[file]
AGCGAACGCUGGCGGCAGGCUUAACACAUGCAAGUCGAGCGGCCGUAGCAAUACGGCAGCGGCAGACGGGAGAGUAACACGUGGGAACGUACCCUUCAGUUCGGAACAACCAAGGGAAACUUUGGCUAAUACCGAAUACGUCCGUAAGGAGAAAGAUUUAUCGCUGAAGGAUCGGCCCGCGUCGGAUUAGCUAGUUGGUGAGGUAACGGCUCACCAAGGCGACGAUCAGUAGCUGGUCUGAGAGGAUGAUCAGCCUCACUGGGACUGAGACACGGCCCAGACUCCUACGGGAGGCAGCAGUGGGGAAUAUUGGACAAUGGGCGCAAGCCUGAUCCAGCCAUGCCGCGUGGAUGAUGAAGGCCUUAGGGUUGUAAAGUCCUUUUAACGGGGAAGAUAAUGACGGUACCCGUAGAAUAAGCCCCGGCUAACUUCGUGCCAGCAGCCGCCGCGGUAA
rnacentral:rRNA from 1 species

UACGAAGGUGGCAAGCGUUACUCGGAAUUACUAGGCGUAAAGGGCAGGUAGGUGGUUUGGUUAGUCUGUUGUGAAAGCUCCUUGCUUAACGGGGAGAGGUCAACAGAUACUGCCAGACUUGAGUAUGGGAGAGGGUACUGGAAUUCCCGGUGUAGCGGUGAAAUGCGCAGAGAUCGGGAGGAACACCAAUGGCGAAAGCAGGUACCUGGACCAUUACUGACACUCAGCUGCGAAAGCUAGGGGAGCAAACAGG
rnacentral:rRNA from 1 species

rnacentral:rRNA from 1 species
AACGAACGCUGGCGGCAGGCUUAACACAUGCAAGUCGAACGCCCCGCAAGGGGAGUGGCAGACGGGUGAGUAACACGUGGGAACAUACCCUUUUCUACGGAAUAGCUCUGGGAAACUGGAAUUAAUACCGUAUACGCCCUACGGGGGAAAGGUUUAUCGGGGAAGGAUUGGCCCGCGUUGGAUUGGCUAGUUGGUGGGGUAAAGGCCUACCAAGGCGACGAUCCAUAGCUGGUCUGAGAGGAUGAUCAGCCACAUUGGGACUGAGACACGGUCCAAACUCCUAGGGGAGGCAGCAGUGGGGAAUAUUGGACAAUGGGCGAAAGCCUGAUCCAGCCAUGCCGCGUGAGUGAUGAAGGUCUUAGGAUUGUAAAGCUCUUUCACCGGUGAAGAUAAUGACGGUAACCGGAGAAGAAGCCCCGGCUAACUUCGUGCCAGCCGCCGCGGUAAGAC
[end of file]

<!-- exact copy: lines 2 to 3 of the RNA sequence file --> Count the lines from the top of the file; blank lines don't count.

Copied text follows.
rnacentral:rRNA from 1 species

UACGAAGGUGGCAAGCGUUACUCGGAAUUACUAGGCGUAAAGGGCAGGUAGGUGGUUUGGUUAGUCUGUUGUGAAAGCUCCUUGCUUAACGGGGAGAGGUCAACAGAUACUGCCAGACUUGAGUAUGGGAGAGGGUACUGGAAUUCCCGGUGUAGCGGUGAAAUGCGCAGAGAUCGGGAGGAACACCAAUGGCGAAAGCAGGUACCUGGACCAUUACUGACACUCAGCUGCGAAAGCUAGGGGAGCAAACAGG